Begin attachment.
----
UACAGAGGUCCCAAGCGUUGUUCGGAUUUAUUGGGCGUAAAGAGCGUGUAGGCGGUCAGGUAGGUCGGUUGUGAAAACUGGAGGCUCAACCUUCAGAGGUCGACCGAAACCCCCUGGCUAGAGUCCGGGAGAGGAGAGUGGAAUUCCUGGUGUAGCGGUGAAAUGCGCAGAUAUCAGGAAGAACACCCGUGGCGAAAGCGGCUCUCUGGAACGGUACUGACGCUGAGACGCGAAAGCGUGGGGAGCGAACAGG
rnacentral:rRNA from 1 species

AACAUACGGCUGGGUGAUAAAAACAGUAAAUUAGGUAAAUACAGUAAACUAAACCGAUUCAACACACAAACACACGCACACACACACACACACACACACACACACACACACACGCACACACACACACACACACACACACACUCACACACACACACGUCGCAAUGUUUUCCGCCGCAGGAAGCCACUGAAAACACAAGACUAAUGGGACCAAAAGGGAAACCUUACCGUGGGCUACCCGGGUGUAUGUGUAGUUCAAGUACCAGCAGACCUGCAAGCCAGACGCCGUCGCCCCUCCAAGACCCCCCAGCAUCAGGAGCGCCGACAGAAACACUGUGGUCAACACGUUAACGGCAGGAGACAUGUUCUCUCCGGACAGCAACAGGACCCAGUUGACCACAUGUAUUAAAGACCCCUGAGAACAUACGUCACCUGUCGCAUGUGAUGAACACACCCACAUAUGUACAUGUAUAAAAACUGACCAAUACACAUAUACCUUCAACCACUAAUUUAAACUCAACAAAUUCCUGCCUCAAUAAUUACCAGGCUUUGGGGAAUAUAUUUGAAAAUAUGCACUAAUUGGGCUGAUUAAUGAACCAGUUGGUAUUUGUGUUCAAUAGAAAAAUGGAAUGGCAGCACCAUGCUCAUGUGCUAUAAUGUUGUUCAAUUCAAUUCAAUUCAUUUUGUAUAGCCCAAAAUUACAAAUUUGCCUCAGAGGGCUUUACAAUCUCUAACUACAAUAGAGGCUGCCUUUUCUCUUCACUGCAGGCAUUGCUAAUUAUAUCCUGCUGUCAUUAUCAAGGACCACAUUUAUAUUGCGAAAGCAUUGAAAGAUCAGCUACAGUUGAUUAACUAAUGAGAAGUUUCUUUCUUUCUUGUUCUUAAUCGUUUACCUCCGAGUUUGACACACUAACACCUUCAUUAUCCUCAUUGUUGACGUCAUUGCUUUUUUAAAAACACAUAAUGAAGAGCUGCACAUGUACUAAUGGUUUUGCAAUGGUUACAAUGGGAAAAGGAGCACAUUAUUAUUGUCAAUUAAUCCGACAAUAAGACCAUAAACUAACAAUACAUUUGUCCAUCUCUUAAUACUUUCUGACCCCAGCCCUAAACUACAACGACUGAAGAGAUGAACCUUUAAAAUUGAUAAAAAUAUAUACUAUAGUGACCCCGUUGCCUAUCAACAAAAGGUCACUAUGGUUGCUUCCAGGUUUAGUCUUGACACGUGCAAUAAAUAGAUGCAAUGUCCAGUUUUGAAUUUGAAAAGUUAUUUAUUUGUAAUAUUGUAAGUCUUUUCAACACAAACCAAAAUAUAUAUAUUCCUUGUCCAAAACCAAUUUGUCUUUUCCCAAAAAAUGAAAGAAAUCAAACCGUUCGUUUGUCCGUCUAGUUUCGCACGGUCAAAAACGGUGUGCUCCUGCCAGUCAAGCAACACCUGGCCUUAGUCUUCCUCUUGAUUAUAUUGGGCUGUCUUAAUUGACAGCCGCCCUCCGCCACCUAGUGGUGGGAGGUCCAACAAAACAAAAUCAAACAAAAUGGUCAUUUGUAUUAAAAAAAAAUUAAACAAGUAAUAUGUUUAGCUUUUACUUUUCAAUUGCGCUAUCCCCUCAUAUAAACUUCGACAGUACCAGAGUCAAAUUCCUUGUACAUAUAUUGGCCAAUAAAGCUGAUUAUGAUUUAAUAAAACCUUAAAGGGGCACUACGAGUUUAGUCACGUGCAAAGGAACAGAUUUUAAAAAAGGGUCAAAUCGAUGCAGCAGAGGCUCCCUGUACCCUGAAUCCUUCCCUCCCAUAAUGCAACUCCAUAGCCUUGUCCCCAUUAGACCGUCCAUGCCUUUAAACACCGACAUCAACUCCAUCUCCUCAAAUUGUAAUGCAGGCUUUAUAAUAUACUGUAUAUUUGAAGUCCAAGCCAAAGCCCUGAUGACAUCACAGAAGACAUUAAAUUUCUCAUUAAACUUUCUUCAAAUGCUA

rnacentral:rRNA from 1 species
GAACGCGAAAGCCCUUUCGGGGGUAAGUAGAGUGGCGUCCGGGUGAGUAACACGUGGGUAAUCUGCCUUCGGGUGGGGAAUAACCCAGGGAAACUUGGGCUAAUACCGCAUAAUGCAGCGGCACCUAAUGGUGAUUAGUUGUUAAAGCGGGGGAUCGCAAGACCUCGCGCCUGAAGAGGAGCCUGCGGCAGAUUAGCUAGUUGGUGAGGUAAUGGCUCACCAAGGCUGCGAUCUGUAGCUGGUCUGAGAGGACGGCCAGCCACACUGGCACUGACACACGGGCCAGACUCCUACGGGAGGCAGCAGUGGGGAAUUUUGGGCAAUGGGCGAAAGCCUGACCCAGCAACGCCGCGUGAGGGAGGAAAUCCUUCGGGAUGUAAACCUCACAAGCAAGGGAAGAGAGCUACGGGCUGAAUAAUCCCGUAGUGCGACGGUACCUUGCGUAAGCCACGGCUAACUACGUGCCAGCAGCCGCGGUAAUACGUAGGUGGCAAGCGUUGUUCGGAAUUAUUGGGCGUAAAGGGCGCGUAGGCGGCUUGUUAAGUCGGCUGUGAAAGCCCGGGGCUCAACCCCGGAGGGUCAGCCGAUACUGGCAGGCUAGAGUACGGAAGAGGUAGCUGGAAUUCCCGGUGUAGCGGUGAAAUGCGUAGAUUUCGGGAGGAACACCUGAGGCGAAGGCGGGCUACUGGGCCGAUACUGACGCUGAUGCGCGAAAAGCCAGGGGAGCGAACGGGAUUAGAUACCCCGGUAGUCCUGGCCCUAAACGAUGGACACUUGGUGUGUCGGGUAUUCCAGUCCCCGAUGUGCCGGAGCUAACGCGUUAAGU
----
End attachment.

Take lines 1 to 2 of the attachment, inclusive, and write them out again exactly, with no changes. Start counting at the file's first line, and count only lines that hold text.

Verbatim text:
UACAGAGGUCCCAAGCGUUGUUCGGAUUUAUUGGGCGUAAAGAGCGUGUAGGCGGUCAGGUAGGUCGGUUGUGAAAACUGGAGGCUCAACCUUCAGAGGUCGACCGAAACCCCCUGGCUAGAGUCCGGGAGAGGAGAGUGGAAUUCCUGGUGUAGCGGUGAAAUGCGCAGAUAUCAGGAAGAACACCCGUGGCGAAAGCGGCUCUCUGGAACGGUACUGACGCUGAGACGCGAAAGCGUGGGGAGCGAACAGG
rnacentral:rRNA from 1 species